Trip: Kyes Peak (7227') & Monte Cristo Peak (7136') - South Ridge & Northwest Face Trip Date: 07/10/2021 Trip Report: I climbed Kyes Peak - South Ridge (7227') & Monte Cristo Peak - Northwest Face (7136') over the weekend. I started the climb from the Blanca Lake Trailhead Approach (Trail 1052) outside Skykomish, WA. The weather was looking perfect again and I had some more free time, so time for the mountains. I planned for a basic 2 day climb but it turned into a 3 day epic instead. Saturday: I drove to the Blanca Lake Trailhead and was starting the trip at 11:00am. I headed up the well traveled trail to Virgin Lake (4540’). I headed to the northeast side of the lake and looked for the climbers trail going north up the ridge toward Kyes Peak. I didn’t find a defined trail but I found something close and started up the ridge. The trail up the ridge comes and goes the whole way up. Sometimes the trail is beautiful and other times it disappears into oblivion. When the trail disappeared it was usually because it took a sharp turn straight up toward the crest of the ridge. The trail is vertical in several spots where you need to use tree branches to make it up. There are several sections of bushwacking in the middle of the trail & also a fair amount of loose rock. Once I dropped down below the west side of point 5845’, I was looking for a good route across the cliffy ridge to the open slopes above Columbia Glacier. I read a report that said you should go back up to the ridge once around point 5845’. I did not do that. I instead saw a nice looking traverse around the toe of the cliffy ridge. The traverse start elevation was about 5300’ and dropped down to about 5200’ while crossing. I hugged close to the toe of the cliffy ridge and found good game/climbers paths throughout the cross over. Some bushwacking through trees and brush on the way over but not bad. The traverse spit me out right in front of a stream and into much better terrain. I climbed up to about 5500’ and found a nice bluff to setup camp, right between two streams and flat. Called it a day at 6:00pm. Sunday: I left the bluff camp at 7:00am and climbed straight up toward the Roundabout Point gap. Took me an hour to get to the gap and then another hour to reach the summit of Kyes Peak. The climbing was relaxing and straight forward. The ridge to Kyes Peak looks pretty steep and exposed from a distance but once on the summit ridge it is basic Class 2-3. A great start to the day and I was making good time. I was thinking that I had plenty of time to hit Monte Cristo Peak next and get back to camp and then head out. Ignorance is bliss. From what I had read, Monte Cristo Peak has several class 3-4 routes up the mountain so I was just going to pick one and make it happen. I traversed below Roundabout Point and decided I wanted to do the Southwest Ridge route to Monte Cristo. I needed to make it down to the Columbia Glacier where I would head straight over to the ridge. Sounds easy. I spent the next 3 hours trying to find a route down to the Columbia Glacier finding nothing but cliffs and deep gullies that both required rapelling to make the glacier below. My only problem being that I did not bring a rope, thinking both peaks were going to be basic class 3-4. I needed to find a section I could down climb without too much risk. Finally at the end of the 3 hours I found the only rock ledge system that would get me to Monte Cristo Peak without a rope. I had to go high up to the base of the cliffs above, and traverse around at about 6650’. The ledge system led to the snow basin between Monte Cristo and the NW ridge of Kyes. I crossed the snow basin to the SE Ridge of Monte Cristo. The SE Ridge of Monte Cristo is supposed to be class 3-4 with a section of 5th. The route looked more like class 3 straight into vertical class 5 for several pitches. I decided to circle around the east side of Monte Cristo to see if there was another section that fit the Class 3-4 description. I made it to the North Col between Monte Cristo and Cadet Peak and still everything looked too vertical. I circle around to the NW Face of Monte Cristo and finally found a section that looked like Class 3-4 down low. I decided to climb this route thinking this must be another one of the Class 3-4 routes up. Wrong! The Class 3-4 turned into 5th Class about 50 feet up the route. I came across 3 different sling/piton setups for placing protection or rappelling along the route. Evidently I was right in the middle of the mid 5th Class route going to the summit, possibly climbing up the rappel route. All of the rock I was encountering was loose, downsloping, steep and nasty. Full suck mode was engaged. The rock quality was so poor that there was no way I wanted to attempt to down climb any of the route. My best option was to keep climbing to the summit and find an easy route down. Finding good holds going up was difficult at best. The rock on the entire side of the mountain was garbage. I would try going left or right to find better rock, but it did not matter, it all sucked. After a few more hours and several years off my life, I finally made the summit at 7:00pm. I found the summit registry in a PVC pipe. The registry was completely water logged and dissolving into pieces. Only the main portion of the summit log remains intact. The PVC pipe summit registries that I have been coming across do not keep out water and seems to absorb water into the pipe. Waterproof paper is a must for the summit registries. Now it was time to find the easy route down off of Monte Cristo. Yeah right! Monte Cristo Peak is basically a giant gravel pit with downsloping loose rock everywhere. The easiest route that I could find was going down the South Face. This was slow and tedious, like walking on marbles spread out all over a hardwood floor sloping off to a cliff. Did I mention that the rock on Monte Cristo Peak sucks? I finally made it down to the snow just as the sun was going down. Thank you Jesus! Out come the lights and I travel back to camp over much easier terrain arriving at 12:30am. I under estimated Monte Cristo Peak and paid a hefty toll. The best lessons are learned the hard way, that way you remember them forever. Monday: I left the bluff camp at 9:30am. I reversed my route all the way back to the car arriving at 4:30pm. I decided to make a stop at Blanca Lake to relax on the way back. Looking up the lake to the Columbia Glacier, there is a giant horseshoe of cliffs surrounding the glacier. The only easy way to the glacier is walking up the side of the lake to the base of the glacier. One thing I wished I knew before starting the climbs. Some Tips and Notes: 1. I’ve climbed a lot of peaks and I can say without a doubt that Monte Cristo Peak has some of the worst rock quality of any peak in the North Cascades. 2. If climbing Monte Cristo Peak, bring a rope for rappelling. Down climbing on the loose garbage rock is about as fun as slamming your hand in a car door. 3. The lower traverse from 5300’ to 5200’ across the toe of the cliffy ridge before the nice slope under Kyes Peak worked well both ways. 4. If you are not bringing a rope, the only route I could find to get to Monte Cristo’s SE Ridge from Kyes Peak is a ledge system at 6650’, on the NW side of the NW Ridge of Kyes Peak. 5. The ridge between Virgin Lake & the Camp below Kyes Peak is dry. Be sure to carry enough water. 6. There are several good camp options on the way up to Kyes Peak, look for the bluffs. Travel Time for reference: Saturday: Car to bluff Camp – 7 hours. Sunday: Camp to Summits, back to Camp - 17 hours Monday: Bluff camp to Car - 7 hours Gear used: Whippet, Crampons, Helmet - Could have used an ice axe & a rope Virgin Lake still mostly snow covered. Ridge Trail down low. Ridge Trail up higher. Looking straight across cliffy ridge traverse from 5300' View up toward Roundabout Gap and cross over bluff from camp. Summit ridge of Kyes Peak. On the way to Monte Cristo. Part of 3 hour tour getting to Monte Cristo. Cross over bluff, excellent camp spot. Looking back at the 6650' rock shelf to the SE Ridge of Monte Cristo. Monte Cristo South Face & SE Ridge. On Northwest Face route of Monte Cristo. Relaxing at Blanca Lake. Gear Notes: Gear used: Whippet, Crampons, Helmet - Could have used an ice axe & a rope Approach Notes: Blanca Lake Trailhead (Trail 1052) - Climbed ridge north of Virgin Lake to camp.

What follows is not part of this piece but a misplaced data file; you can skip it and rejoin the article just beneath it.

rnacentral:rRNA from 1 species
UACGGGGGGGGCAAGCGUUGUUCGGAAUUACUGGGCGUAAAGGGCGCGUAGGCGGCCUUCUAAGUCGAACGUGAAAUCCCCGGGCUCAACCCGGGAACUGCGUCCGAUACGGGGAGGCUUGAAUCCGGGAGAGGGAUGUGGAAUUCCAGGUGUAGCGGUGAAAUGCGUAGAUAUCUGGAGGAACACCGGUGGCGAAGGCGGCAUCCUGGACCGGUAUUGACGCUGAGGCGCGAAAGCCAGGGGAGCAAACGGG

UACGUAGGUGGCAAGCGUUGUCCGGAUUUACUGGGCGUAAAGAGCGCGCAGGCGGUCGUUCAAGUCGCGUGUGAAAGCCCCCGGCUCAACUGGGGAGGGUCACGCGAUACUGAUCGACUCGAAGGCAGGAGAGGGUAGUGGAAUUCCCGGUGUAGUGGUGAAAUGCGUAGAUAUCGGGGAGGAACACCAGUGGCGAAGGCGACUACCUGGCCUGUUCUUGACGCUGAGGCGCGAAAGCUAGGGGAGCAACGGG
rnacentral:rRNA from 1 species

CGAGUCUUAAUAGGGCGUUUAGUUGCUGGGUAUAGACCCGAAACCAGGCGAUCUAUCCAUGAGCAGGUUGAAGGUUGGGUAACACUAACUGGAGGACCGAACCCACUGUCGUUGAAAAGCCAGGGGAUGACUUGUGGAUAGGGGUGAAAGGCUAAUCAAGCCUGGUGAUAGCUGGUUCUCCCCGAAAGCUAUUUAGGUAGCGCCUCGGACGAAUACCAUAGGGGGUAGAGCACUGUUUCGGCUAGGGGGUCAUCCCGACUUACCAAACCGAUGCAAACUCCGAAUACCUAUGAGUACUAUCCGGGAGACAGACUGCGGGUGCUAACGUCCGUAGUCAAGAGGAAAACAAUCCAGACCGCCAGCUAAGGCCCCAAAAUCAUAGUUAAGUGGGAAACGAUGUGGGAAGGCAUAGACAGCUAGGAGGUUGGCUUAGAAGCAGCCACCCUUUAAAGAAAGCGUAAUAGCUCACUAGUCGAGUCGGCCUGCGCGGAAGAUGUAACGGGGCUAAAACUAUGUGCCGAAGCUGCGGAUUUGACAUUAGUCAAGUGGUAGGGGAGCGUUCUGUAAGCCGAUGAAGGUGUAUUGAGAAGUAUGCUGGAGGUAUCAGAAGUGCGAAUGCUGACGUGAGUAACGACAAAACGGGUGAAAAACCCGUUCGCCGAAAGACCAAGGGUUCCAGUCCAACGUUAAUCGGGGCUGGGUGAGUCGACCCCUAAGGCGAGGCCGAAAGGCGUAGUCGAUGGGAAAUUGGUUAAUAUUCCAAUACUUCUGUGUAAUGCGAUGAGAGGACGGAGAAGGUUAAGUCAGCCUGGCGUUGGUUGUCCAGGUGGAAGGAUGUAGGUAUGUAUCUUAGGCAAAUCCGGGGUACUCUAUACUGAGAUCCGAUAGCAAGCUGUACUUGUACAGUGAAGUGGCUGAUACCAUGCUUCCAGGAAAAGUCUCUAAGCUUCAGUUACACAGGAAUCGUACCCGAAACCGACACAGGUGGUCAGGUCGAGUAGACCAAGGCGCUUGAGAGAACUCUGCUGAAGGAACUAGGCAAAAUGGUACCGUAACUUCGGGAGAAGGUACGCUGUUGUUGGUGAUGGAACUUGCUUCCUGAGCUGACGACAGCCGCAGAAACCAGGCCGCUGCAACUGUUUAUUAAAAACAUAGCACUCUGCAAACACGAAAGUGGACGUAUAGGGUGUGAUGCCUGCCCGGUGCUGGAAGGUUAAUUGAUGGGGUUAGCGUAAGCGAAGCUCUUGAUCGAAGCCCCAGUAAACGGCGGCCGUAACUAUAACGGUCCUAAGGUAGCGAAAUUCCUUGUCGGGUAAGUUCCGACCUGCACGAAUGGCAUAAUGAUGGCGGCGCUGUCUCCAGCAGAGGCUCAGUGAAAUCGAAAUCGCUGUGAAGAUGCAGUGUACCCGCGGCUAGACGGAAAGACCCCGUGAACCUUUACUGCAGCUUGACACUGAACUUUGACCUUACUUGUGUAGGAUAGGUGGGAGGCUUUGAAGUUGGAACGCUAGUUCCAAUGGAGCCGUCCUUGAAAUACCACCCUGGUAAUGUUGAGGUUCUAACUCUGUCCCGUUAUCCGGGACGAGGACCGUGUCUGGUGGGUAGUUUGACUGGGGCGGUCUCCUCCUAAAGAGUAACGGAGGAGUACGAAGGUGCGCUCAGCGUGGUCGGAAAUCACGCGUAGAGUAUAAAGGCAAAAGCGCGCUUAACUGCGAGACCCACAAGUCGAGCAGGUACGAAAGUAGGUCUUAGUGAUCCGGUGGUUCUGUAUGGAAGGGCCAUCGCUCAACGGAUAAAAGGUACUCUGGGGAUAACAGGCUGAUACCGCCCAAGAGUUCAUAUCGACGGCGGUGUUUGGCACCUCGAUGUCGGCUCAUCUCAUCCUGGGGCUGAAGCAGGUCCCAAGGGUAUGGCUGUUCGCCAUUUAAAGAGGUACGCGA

9. 1 point
    Direct North Buttress - Bear Mountain Dates: 8/11 - 8/13 Synopsis: Incredible route on a huge face in a remote, rugged, classic NW setting made for a trip of a lifetime. Approach: From the parking area at the end of the Chilliwack lake road, the first 1.5 or so miles follows an overgrown road. From there, the trail slowly deteriorates over the course of a couple miles until it becomes essentially non-existent just before the border, and bushwacking beyond this point is a slow, futile study of marshes and sharp, pointy botany. On the way in we spent hours searching for markers in vain trying to stay on the "trail." On the way out we waded through a steamy salmon orgy from the outlet of bear creek until we were within 500 yards of Chilliwack lake. For future parties approaching this route, we would STRONGLY recommend not even bothering with the trail. Instead, once you're about a half kilometer beyond the south end of the lake simply take your pants off and wade the rest of the way to the Bear Creek camp. This might not be as easy earlier in the summer, and water shoes (stashed at bear creek camp) would have been very nice. Once at bear creek camp, there is a nice trail for the first 500 ft or so of elevation gain up the ridge. After the trail ends, it's another 1000 feet or so up nice old growth before waging battle with 500-750 feet of elevation gain through thick 3rd-4th class slide alder. I began questioning my life choices near the top of this, Eric kept his composure. Once above this it's straightforward to the notch at the base of the W ridge of Bear. We bivied 100 ft or so below the notch and found a stream just below our camp for water. Route: We climbed 6 pitches and a short simul block to the snow patch (the 10a pitch was Eric's self-proclaimed proudest lead yet in the mountains). Another 2 pitches above the patch brought us to the point where the 1967 Beckey route traverses in. The Beckey bypass that joins the route at this point looked fun if your idea of fun is dodging rockfall and scrambling up unprotectable 4th class ramps covered in scree. Another 2 pitches brought us to the offwidth. We climbed 15 feet up the chimney at its base before bailing right onto easier terrain. Another 3 pitches above this along the ridge crest took us to the top of the buttress. A quick traverse below the summit pyramid and a fun ridge scramble brought us to the summit with 1.5 hours of daylight to spare. World class views from the summit and making it back to camp with 20 minutes of daylight to spare capped off one of my most memorable days in the mountains yet. Base of the route to summit took us about 11.5 hours. Gear: Double rack from 0.5-3 camalot, a single #4, a single 0.4, and blue to red Totem basic cams. Small set of nuts. #4 came in handy enough to justify its weight. 60m single rope. Water shoes, mosquito hats, gloves for the devil's club and alder, napalm, and a lack of interest in self-preservation are not necessary but recommended. Eric expressing his feelings for devil's club Bear Mountain summit in the distance Eric on the 5.alder approach pitch, wondering why he moved from Washington to Massachusetts a few years back The route coming into the sun (we chose to save weight by not taking sunglasses or sunscreen up the route. We chose poorly) Eric on the lower crux pitch Eric on the pitch above the snow patch World-class belay stance Sam on a pitch high on the buttress How could you not be smiling in a place like this Summit!!! Eric becoming the first person to ever LEAVE the United States by wading across a river